Paint pads consist of a flat rectangular pad made up of many tiny, tightly packed bristles. The paint is loaded onto the pad from a tray. There is a variety of paint pads available varying from 25mm (1in) up to a width of 180mm (6in). Paint pads can come in different shapes for specific purposes, like the crevice pad designed for painting corners.
By using a paint kettle instead of loading the brush directly from the paint tin you avoid getting dried paint, which can form around the top of a paint tin, onto your brush. A paint kettle is also more practical to carry, particularly if you are working from a trestle or stepladder. To keep the paint kettle clean, lay foil around the inside before filling with paint. The foil can be thrown away after use.
When painting around windows, use this tool as a shield to prevent paint getting on the glass. Simply hold the shield to the glass and press tightly against the section of window frame you are painting. As you move around the frame reposition the shield. The paint shield can be used in a similar fashion when painting skirting board to prevent picking up dirt and dust from the floor.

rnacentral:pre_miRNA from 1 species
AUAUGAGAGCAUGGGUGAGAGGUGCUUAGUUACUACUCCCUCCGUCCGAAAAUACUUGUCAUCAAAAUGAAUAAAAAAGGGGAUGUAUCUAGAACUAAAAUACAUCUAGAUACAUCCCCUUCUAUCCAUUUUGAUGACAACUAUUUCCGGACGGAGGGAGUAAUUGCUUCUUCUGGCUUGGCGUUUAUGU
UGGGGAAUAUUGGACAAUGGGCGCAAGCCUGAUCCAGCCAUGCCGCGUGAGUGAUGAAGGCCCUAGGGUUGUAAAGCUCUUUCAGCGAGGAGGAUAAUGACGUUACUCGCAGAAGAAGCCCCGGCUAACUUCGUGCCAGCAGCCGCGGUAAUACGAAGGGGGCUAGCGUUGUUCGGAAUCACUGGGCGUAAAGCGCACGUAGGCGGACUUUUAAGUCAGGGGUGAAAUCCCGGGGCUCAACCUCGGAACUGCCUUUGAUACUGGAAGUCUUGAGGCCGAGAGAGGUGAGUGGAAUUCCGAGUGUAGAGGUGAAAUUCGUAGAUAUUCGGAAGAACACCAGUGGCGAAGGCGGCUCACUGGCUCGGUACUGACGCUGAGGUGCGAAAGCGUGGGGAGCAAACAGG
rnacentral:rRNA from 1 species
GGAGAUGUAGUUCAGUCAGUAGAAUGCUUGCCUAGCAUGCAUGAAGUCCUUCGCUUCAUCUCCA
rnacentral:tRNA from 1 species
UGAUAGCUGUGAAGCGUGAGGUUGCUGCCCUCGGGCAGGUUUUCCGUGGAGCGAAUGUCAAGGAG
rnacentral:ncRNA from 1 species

To achieve even paint coverage over a large surface area you may consider using a paint sprayer. Any material that can be thinned to the correct consistency can be spray-painted including undercoat, enamels, lacquers, protective coatings and water-based products.
Although large compressed air sprayers can be hired, for DIY purposes electric paint sprayers will probably be more than satisfactory. When using a paint sprayer always read the manufacturer’s instructions and wear the appropriate protective equipment. As the paint is sprayed in a fine mist you should always wear safety goggles and a suitable disposable respirator.
A small hand tool designed to create a wood grain effect on painted surfaces.